Another is that many plug-in hybrid models include design features that automatically turn on the petrol/diesel engine at start-up on a cold day, or will kick in that engine if driver accelerates hard.

The latter mode means that the car's emissions will depend a lot on the driver's behaviour.

"If you always charge the battery and tend to do lots of short journeys, they will have very low emissions," says Nick Molden, who runs Emissions Analytics, a company that specialises in vehicle emissions evaluation.

"If you never charge the battery and drive very aggressively then they can have significantly higher emissions than the equivalent petrol or diesel model," he continues.

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Hickky

It strikes me that the level of CO2 emitted by passenger vehicles is but a flea bite on the total CO2 produced by both flora and fauna, the planet and other production from industry, for example, electrical production. 

So what we really need is less of an engine, more of a generator, running at an speed designed for lowest emissions, via a dynamo to a battery that in turn drives electric motors. I guess all you railway engineers are vindicated as diesel/electric locomotives showed mankind the way.

No, not lowest emissions on the road, but how much do gas turbine power stations emit? Maybe we should limit our National Grid to Hydro, Wind and tide then Nuclear Power for zero CO2?

But battery bikes should be compulsory for solo drivers, no cars unless you are two up or more. All deliveries can be via tinternet by then anyway.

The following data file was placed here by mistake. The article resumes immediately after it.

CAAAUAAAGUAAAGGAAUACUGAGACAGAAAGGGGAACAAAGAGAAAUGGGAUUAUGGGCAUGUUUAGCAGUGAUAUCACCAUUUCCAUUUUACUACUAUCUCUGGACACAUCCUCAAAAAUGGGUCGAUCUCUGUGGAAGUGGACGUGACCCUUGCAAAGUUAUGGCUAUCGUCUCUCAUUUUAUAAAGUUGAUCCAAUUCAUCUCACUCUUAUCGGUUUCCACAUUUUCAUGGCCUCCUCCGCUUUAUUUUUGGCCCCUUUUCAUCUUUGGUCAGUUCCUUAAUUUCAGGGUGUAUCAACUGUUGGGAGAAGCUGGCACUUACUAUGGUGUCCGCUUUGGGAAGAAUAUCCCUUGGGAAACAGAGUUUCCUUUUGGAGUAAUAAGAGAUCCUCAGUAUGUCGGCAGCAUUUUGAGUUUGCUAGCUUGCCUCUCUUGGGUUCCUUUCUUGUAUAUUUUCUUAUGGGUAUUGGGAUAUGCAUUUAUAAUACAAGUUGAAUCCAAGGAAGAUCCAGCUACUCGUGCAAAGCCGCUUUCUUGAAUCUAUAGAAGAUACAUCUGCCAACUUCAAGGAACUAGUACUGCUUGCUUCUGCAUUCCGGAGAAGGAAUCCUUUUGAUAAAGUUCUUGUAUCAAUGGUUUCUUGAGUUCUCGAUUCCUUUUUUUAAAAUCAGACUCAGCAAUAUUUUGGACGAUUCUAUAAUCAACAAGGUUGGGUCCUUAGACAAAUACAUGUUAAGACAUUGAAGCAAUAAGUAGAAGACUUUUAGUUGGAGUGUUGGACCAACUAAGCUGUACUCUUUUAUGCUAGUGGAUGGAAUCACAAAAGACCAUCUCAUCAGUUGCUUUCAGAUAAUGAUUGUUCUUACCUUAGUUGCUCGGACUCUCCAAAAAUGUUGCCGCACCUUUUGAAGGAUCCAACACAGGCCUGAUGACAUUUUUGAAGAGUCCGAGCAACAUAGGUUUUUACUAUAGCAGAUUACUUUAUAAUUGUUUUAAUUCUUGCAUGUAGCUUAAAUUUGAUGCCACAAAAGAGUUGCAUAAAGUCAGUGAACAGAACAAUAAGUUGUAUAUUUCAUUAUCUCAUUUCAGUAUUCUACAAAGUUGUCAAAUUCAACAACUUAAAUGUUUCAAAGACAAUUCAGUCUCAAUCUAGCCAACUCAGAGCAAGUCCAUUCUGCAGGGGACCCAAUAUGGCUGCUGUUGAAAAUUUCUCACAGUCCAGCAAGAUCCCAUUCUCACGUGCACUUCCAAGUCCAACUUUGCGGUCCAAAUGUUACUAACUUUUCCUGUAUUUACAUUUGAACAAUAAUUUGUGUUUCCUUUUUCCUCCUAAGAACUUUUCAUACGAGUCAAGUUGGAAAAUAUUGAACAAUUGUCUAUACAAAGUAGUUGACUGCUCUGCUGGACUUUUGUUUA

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Trev
3 hours ago, Tel said:

Carbon dioxide emissions from plug-in hybrid cars are as much as two-and-a-half times higher than official tests suggest, according to new research.

Plug-in hybrid vehicles are powered by an electric motor using a battery that is recharged by being plugged in or via an on-board petrol or diesel engine.

They account for 3% of new car sales.

But analysis from pressure groups Transport and Environment and Greenpeace suggest they emit an average of 120g of CO2 per km.

That compares with the 44g per km in official "lab" tests

Plug-in hybrid electric vehicles (PHEVs) are sold as a low-carbon alternative to traditional vehicles and conventional hybrids - which cannot be recharged from an external source - and are proving increasingly popular.

The new research is published as the government considers whether to bring forward a proposed ban on the sale of new petrol, diesel and conventional hybrid cars from 2035 to 2030.

'Official' versus 'real world'

The BBC understands one suggestion is that plug-in hybrids should be given a stay of execution, with new sales allowed to continue until 2035.

That's because they can offer a 20- to 40-mile range as a purely electric vehicle and are therefore potentially significantly less polluting than other vehicles.

But this new analysis from Transport and Environment and Greenpeace suggests they don't offer anything like the carbon dioxide savings claimed for them by manufacturers.

The official tests indicate that plug-in hybrids emit an average of 44g per km of CO2. These tests are conducted on a circuit and see vehicles driven in a way that regulators consider "normal".

The real figure, however, according to the report, is more like 120g per km.

A really simple guide to climate change

The five major challenges facing electric vehicles

How will the petrol and diesel car ban work?

The pressure groups have analysed what they say is "real-world" data on fuel efficiency collected from some 20,000 plug-in hybrid drivers around Europe.

These are drivers who have chosen to record their mileage and fuel consumption for surveys or who drive company or leased vehicles whose fuel efficiency is recorded.

According to this data-set the lifetime emissions of a plug-in hybrid average around 28 tonnes of CO2.